And it’s not just sex secrets spilling out lately, keep in mind. (If people focus too much on sex, they start to panic, leading to things like the sad survey results recently noted by the Economist, which reported that one in four young women now consider any instance of a male asking out a female to be harassment.) Instead of just pestering George H.W. Bush about his chronic ass-grabbing, what if people started pestering the aging former intelligence director about what he knows of, say, murder?
Remember, recent weeks have also been an early Christmas for JFK conspiracy theorists—pardon me, corruption theorists—who thanks to newly-released files now know that some government experts believed there was more than one shooter in Dallas and know that one witness suggested Jack Ruby knew in advance about the assassination. Near-simultaneously, musician Tom DeLonge has unveiled his project aimed at exposing government UFO secrets, and even if that’s just a bizarre con, the fact that he really has high-level military and intelligence-sector people taking to the stage with him to talk about the project supportively is one of those things that remain irreducibly weird even if you don’t draw the weirdest-possible conclusions.
Ditto with regard to whatever the hell’s going on in Saudi Arabia right now, where there are rumors of American mercenaries helping interrogate arrested princes by suspending the princes upside down, including one who was a major investor in Citibank and Fox News.
The conspiracy theories turn into conspiracy facts so quickly lately that the current documentary What Happened in Vegas about rampant police corruption in that city was already near-finished when the Mandalay Bay massacre occurred, with its murky timelines and unanswered questions, providing a timely new peg. These days, reality coughs up new confirming evidence almost as quickly as the Internet does.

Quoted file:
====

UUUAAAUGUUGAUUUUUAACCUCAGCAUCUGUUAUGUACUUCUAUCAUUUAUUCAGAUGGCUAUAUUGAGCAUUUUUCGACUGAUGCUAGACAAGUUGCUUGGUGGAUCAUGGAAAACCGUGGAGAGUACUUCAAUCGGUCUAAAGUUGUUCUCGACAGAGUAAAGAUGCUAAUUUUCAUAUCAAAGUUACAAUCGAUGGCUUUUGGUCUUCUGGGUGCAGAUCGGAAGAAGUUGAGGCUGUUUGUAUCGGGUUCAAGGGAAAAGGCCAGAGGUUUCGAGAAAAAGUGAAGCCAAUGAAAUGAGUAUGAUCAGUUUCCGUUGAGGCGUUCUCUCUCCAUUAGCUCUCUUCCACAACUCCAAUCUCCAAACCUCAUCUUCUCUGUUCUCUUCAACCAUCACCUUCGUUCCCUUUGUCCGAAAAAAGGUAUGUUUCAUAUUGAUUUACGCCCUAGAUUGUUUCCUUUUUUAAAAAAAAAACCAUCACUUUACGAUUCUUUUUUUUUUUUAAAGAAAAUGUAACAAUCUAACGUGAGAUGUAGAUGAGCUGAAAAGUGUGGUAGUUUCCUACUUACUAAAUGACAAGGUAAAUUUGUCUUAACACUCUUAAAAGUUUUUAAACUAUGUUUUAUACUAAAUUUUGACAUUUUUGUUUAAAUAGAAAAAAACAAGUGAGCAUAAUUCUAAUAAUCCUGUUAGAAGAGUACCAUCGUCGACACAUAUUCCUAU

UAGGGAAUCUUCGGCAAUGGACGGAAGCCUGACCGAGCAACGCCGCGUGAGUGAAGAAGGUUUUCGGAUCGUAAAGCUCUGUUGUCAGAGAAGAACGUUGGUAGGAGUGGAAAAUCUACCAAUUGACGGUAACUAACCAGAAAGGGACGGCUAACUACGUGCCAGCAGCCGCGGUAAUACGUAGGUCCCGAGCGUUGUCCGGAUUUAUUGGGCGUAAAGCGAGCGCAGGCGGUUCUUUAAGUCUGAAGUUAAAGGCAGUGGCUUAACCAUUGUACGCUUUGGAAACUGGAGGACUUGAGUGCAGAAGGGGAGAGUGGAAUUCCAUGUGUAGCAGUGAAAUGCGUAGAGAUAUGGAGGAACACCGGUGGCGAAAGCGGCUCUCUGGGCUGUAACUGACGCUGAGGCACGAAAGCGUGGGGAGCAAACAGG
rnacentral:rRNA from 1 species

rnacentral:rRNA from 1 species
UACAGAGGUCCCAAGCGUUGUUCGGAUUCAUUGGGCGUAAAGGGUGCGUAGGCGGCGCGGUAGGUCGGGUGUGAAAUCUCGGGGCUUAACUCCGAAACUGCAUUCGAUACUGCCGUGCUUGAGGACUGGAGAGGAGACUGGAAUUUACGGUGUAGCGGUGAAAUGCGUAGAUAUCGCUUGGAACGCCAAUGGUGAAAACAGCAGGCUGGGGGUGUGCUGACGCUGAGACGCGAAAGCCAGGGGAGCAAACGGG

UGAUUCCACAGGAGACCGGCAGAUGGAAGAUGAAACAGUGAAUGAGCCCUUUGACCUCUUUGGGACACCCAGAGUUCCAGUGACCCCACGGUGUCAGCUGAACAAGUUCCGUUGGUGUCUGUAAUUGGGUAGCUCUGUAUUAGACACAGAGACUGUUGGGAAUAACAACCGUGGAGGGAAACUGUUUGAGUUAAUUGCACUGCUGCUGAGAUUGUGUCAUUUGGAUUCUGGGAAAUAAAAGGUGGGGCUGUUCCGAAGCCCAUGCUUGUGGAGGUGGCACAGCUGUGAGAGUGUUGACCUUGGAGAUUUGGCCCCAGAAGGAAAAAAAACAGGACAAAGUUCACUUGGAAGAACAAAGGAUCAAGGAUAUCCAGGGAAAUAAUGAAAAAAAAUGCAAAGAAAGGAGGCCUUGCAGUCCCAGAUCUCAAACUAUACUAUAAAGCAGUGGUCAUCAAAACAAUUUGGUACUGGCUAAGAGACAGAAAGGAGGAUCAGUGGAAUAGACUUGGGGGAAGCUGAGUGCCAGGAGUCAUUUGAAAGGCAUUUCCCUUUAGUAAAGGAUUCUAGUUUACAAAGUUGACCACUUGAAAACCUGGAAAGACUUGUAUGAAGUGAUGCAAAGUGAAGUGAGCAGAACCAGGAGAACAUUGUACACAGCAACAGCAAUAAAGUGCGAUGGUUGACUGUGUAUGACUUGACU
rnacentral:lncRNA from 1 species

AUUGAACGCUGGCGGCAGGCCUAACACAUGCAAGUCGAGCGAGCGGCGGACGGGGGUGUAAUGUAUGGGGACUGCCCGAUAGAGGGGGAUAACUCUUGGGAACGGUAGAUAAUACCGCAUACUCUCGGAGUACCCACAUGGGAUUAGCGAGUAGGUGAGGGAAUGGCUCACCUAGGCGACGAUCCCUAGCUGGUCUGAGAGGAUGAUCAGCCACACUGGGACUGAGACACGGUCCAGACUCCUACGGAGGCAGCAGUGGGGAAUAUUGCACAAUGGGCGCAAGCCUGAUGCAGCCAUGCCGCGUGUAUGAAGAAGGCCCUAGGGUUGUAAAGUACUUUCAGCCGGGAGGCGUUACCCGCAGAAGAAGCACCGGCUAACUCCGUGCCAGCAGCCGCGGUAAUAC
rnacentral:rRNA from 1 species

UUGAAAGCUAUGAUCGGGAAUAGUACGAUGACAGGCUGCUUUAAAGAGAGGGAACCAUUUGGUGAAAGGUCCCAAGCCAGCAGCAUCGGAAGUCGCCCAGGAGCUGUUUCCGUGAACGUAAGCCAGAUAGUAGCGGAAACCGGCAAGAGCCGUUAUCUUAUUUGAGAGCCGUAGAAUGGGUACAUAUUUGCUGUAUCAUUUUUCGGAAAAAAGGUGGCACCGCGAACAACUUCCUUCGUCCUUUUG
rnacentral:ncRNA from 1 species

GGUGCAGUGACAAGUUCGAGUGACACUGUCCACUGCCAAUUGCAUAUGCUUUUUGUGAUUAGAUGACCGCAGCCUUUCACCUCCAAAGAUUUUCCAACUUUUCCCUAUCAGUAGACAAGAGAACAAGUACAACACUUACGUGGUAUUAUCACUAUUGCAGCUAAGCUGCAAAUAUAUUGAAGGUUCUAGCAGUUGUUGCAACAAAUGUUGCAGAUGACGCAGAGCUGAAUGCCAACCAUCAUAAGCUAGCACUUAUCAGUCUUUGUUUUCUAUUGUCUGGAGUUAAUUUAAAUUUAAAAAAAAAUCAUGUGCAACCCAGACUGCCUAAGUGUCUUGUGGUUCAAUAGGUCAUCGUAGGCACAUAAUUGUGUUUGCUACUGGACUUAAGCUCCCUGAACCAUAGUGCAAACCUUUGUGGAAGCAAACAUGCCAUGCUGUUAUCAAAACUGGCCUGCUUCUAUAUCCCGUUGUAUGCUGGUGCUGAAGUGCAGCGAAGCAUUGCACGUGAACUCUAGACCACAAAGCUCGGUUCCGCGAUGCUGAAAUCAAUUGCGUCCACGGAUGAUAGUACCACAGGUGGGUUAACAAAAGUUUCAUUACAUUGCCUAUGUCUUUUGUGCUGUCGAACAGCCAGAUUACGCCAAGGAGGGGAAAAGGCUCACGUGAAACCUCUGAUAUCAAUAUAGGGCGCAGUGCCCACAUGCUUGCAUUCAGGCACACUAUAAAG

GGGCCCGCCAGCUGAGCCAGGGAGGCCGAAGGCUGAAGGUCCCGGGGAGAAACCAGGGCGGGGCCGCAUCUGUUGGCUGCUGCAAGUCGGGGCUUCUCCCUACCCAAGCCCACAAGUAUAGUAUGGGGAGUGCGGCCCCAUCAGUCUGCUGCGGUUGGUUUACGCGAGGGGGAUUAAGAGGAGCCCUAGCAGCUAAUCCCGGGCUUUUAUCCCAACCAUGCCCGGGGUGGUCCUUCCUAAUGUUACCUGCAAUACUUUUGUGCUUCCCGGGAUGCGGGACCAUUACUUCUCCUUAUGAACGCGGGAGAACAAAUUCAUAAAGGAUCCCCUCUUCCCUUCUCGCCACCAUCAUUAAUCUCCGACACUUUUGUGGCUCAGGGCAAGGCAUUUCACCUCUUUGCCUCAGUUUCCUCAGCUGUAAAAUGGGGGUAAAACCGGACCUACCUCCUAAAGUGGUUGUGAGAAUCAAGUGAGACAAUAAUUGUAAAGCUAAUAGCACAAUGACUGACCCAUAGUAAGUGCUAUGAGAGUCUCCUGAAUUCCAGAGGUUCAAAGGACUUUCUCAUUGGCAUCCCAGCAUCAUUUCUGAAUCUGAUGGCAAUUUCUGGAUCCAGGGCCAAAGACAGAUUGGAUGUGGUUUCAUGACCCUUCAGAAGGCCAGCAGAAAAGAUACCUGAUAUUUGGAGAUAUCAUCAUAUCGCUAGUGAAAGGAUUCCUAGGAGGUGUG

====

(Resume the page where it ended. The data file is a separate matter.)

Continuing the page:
Even the most ludicrous-sounding, trashy conspiracy theories have gotten at least a little more credible in the past few months.
Take Dean Devlin’s failed disaster movie Geostorm, which, as I wrote in a previous column, is basically a remake of his conspiracy theorist friend Roland Emmerich’s student film from the 1980s about weather-controlling satellites. Emmerich’s interest in such topics (on display in movies ranging from 10,000 BC to 2012) is rooted in the idea that there may have been a real “Flood” of cosmic proportions on the Earth about 13,000 years ago—and a growing number of scientists think that may be true. Whether it was just a sudden post-Ice Age glacial melt or something more specific and dire like a comet impact, it looks at least a little less crazy than it used to to say that it may not be a coincidence all those flood myths—from the biblical one to Plato’s tale of Atlantis—seem to date to around 11,000 BC.
In this boom time of shocking revelations, then, I really hate to see so many people still mired in the petty old left-right partisanship. If we’re handed a chance to expose all the elite as degenerates, do you really want to waste it arguing about whether it’d be creepier to be groped by Harvey Weinstein or Roy Moore? Look at the big picture.
To avoid having to take sides in a debate like that, I recommend simply avoiding all liberals and religious people. I think the remaining portion of the population will be having some increasingly interesting conversations in the strange days ahead.
—Todd Seavey is the author of Libertarianism for Beginners and is on Twitter at @ToddSeavey.